Entrapment efficiency, in vitro release testing and release kinetics of chitosan nanoparticles for prolonged antihistaminic treatment

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Yurtdaş Kırımlıoğlu G., Öztürk A. A.

6th International BAU Drug Design Congress, İstanbul, Turkey, 13 - 15 December 2018, pp.241

  • Publication Type: Conference Paper / Full Text
  • City: İstanbul
  • Country: Turkey
  • Page Numbers: pp.241
  • Anadolu University Affiliated: Yes


Background: Levocetirizine dihydrochloride (LCD) is an orally active, third generation non- sedative antihistaminic agent widely used in the treatment of chronic idiopathic urticaria, seasonal allergic rhinitis and hay fever [1]. LCD is rapidly absorbed after oral administration, with the peak plasma concentration attained in 0.9-1h [2]. The fast disintegration behavior of conventional LCD formulations may result in initial burst-released kinetics, permitting the drug to be absorbed very quickly and resulting in high serum concentrations. Under these conditions, local irritation to gastrointestinal mucous membranes and other side-effects are inevitable [1,3]. Therefore, it is desirable to design and develop a rational delivery system for LCD.

Methods: In this study, LCD was successfully incorporated into the chitosan nanoparticles (F- 1 and F-2 contains 0.05 g and 0.1g LCD, respectively) by spray drying method aiming oral application. In order to determine the amount of LCD in drug loaded nanoparticles, drug entrapment efficiency (EE) study was performed by validated HPLC method. Release characteristics of the nanoparticles were evaluated with dialysis membrane method at 37°C ±1°C in freshly prepared simulated intestinal fluid (SIF, pH 6.8) during 72 hours. Release kinetics were investigated using DDSolver software in order to evaluate the mechanism of drug release from nanoparticles.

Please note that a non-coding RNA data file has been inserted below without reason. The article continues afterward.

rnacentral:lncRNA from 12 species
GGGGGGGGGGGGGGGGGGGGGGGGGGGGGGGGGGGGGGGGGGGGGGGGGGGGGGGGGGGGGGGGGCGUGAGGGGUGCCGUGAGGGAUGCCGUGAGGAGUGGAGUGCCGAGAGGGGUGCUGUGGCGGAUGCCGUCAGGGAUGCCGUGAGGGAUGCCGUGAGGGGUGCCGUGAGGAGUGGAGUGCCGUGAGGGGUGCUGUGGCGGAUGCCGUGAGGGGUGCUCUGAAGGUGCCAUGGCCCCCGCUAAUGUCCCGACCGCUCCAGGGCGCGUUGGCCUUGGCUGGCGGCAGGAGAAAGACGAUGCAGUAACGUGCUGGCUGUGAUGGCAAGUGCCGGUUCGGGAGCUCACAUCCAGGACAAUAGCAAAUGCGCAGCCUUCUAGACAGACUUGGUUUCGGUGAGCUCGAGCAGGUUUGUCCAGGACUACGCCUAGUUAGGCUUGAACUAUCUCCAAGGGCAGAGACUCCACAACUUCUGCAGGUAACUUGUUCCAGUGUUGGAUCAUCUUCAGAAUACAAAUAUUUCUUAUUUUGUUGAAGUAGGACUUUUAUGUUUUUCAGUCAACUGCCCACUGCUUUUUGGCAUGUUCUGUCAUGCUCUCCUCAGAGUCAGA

Results: LCD was successfully loaded to the polymeric matrices by spray drying method. In this study, EE % was determined to be 71.37 ± 1.32 and 67.328 ± 2.09 (EE % ± SE) for F-1 and F-2, respectively. LCD release from nanoparticles was much slower than its pure form showing time dependent release manner in release media. Also there was no significant difference between F-1 and F-2 formulations as stated by the release profiles (p> 0.05). Moreover, drug release was extended more than 2-fold with nanoparticles which enhances the possible use of them for better treatment. In vitro release profiles indicated prolonged release of LCD from nanoparticles which followed Korsmeyer-Peppas kinetic model.

Conclusions: In vitro studies showed that cationic chitosan nanoparticles containing LCD are effective carrier candidates for reducing local irritation to GI membranes and other side- effects and optimizing plasma drug concentration that can improve bioavailability and protection the sensitive drug against light, thus also improving the stability.

Keywords: Levocetirizine dihydrochloride, chitosan, polymeric nanoparticle, in vitro release, release kinetic